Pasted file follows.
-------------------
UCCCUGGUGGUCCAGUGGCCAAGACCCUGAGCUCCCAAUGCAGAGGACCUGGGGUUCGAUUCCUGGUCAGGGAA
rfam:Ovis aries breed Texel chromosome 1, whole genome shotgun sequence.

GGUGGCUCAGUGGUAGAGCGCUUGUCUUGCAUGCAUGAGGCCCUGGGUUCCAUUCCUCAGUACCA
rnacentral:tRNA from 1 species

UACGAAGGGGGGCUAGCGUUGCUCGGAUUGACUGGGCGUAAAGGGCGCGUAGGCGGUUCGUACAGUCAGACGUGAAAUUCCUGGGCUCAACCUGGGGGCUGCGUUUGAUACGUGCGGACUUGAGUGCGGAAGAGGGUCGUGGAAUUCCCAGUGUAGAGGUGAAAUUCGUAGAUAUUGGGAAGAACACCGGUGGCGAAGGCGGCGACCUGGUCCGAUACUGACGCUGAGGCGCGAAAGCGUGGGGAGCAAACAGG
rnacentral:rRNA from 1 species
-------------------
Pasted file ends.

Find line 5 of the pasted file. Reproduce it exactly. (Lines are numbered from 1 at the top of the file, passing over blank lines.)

UACGAAGGGGGGCUAGCGUUGCUCGGAUUGACUGGGCGUAAAGGGCGCGUAGGCGGUUCGUACAGUCAGACGUGAAAUUCCUGGGCUCAACCUGGGGGCUGCGUUUGAUACGUGCGGACUUGAGUGCGGAAGAGGGUCGUGGAAUUCCCAGUGUAGAGGUGAAAUUCGUAGAUAUUGGGAAGAACACCGGUGGCGAAGGCGGCGACCUGGUCCGAUACUGACGCUGAGGCGCGAAAGCGUGGGGAGCAAACAGG